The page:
Along the same vein, the fear-mongering about ISIS has largely failed to acknowledge that at the core, the leadership is comprised of former secular Iraqi Baathist soldiers who have not only vast knowledge of the capabilities of the Iraqi state, and its vital resources, but are people who have a deep well of hatred for the US and its imperial remaking of their country. ISIS is less about an Islamic revolution or the establishment of a caliphate than it is about the reestablishment of control by Sunni Iraqis.
What comes next?
John Key has said that he has adopted a model of management and oversight for the security-intelligence complex in New Zealand that mimics that of Australia and the UK. We have heard him invoke the same kinds of threats to New Zealand as David Cameron, Barack Obama, and Tony Abbott. We know that he is already contemplating what ‘assistance’ can be given to the US ‘coalition of the willing (redux)’. Although he has said that deploying NZ troops on the ground in Iraq is at the edge of his comfort, he has not ruled it out.
In 2001, under Helen Clark, New Zealand deployed the NZSAS under the cloak of secrecy to assist the US ‘Operation Enduring Freedom’. She deployed the Navy frigates and Air Force Orions to patrol the Gulf of Oman. She was afraid of the political backlash from the left of participating in a mission that did have UN sanction. In 2003, she resisted the initial call for the invasion of Iraq in March, but by June, she had committed a company of combat engineers.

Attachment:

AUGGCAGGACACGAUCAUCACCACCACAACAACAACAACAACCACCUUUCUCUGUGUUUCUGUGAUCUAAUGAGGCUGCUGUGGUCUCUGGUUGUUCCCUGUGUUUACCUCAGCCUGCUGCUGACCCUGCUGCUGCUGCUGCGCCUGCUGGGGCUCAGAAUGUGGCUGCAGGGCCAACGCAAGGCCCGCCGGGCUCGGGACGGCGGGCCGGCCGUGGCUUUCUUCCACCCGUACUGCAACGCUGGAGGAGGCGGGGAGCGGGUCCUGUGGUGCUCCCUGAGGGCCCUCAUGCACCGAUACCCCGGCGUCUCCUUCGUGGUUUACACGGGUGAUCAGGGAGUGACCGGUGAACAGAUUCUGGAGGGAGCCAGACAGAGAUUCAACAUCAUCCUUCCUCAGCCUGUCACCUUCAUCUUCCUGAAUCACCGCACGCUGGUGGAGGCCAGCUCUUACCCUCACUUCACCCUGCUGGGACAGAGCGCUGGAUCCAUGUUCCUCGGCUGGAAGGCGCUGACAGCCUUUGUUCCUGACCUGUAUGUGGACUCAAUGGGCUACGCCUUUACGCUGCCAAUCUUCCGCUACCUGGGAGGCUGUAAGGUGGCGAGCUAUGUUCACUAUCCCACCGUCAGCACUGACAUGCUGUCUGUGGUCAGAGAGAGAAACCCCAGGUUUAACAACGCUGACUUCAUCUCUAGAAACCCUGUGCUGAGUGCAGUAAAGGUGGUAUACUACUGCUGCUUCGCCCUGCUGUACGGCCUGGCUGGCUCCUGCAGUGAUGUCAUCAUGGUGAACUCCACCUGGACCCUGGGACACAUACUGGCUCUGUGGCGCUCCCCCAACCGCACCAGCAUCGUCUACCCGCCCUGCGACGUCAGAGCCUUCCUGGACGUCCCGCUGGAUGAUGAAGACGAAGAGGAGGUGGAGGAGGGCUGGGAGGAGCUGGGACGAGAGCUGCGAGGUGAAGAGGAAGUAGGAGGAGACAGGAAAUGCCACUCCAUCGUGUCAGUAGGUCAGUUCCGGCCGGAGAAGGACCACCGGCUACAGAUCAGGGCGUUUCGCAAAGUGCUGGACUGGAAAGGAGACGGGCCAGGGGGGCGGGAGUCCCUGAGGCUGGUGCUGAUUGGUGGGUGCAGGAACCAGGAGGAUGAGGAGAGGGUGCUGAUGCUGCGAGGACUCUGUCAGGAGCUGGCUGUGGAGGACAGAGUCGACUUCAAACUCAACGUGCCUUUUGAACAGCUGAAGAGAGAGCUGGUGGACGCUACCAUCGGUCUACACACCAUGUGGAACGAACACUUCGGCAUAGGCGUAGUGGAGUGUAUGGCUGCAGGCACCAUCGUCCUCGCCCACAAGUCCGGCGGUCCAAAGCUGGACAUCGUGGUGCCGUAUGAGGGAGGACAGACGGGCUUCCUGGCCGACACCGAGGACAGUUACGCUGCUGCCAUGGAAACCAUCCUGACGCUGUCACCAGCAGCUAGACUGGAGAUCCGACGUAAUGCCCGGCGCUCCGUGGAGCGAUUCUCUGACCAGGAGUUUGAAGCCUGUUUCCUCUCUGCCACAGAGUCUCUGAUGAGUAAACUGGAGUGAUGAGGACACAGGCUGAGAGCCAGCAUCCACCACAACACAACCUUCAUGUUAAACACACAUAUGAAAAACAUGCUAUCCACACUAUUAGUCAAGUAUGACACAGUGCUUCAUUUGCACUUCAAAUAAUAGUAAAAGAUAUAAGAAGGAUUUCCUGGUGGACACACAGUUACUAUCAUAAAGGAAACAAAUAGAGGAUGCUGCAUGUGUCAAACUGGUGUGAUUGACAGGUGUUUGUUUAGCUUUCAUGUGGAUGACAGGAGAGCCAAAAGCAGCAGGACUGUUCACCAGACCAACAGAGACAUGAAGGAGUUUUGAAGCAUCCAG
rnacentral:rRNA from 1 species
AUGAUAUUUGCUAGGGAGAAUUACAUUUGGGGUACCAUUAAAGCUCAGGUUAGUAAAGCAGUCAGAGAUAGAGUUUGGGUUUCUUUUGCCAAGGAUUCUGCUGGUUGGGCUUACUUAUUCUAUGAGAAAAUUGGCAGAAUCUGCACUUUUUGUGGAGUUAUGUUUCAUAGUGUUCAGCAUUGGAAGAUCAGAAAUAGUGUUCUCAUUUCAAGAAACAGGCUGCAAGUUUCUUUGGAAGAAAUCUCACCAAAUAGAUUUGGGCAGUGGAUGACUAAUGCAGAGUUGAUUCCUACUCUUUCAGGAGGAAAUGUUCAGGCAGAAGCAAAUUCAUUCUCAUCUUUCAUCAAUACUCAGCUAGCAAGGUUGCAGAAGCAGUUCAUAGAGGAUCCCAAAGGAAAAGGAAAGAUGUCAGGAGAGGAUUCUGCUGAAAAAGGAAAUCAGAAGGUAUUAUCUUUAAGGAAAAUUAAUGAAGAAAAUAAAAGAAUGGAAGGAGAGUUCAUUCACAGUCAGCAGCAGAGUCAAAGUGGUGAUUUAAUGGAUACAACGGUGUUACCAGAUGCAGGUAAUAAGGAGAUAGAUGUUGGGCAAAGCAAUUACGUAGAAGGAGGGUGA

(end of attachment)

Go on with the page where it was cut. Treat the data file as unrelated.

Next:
Key has been much less constrained in what he has divulged about the NZSAS, and about New Zealand’s participation in Afghanistan. He has been little concerned about public opinion knowing that the end was in sight for NZ’s involvement. It remains to be seen what tools the State will offer up in the US’s new campaign of conquest, and it remains to be seen whether we will find out.
### No truth, all power
Most troubling of course, is that the very people likely to tell us, the couple of real investigative journalists that we have in this country – Nicky Hager and Jon Stephenson – have both been deeply bruised and battered. Nicky in his most recent and fresh battle with the National party, and Jon in his defamation case against the Defence Force, a case that arose largely from Jon’s reporting of human rights abuses of Afghan detainees by the NZDF.
The 10-hour police raid on Nicky’s house can only be seen as a threat to anyone seeking to hold power to account. Similarly, the co-ordinated spin doctoring by the NZDF has smeared Jon’s name affecting his ability to work.
The questions from before September remain: Will we ever know what the GCSB’s Project Speargun and Cortex were? Will we ever know if there was a conspiracy to entrap Kim Dotcom? Will we ever know who the 88 people are who were illegally spied on? Did the NSA write the new GCSB law as Snowden said? Are NZ’s intelligence services involved in ongoing drone war programmes?
The questions about the future, however, are in many respects far more troubling: Are NZ intelligence services involved in black ops? Are they being deployed against the political enemies of the ruling party? Will journalists be silenced by new anti-terrorism laws? Will NZ make people stateless by revoking of passports?
It isn’t just time that will tell us the answers. It is what we choose to do about it in the meantime that matters.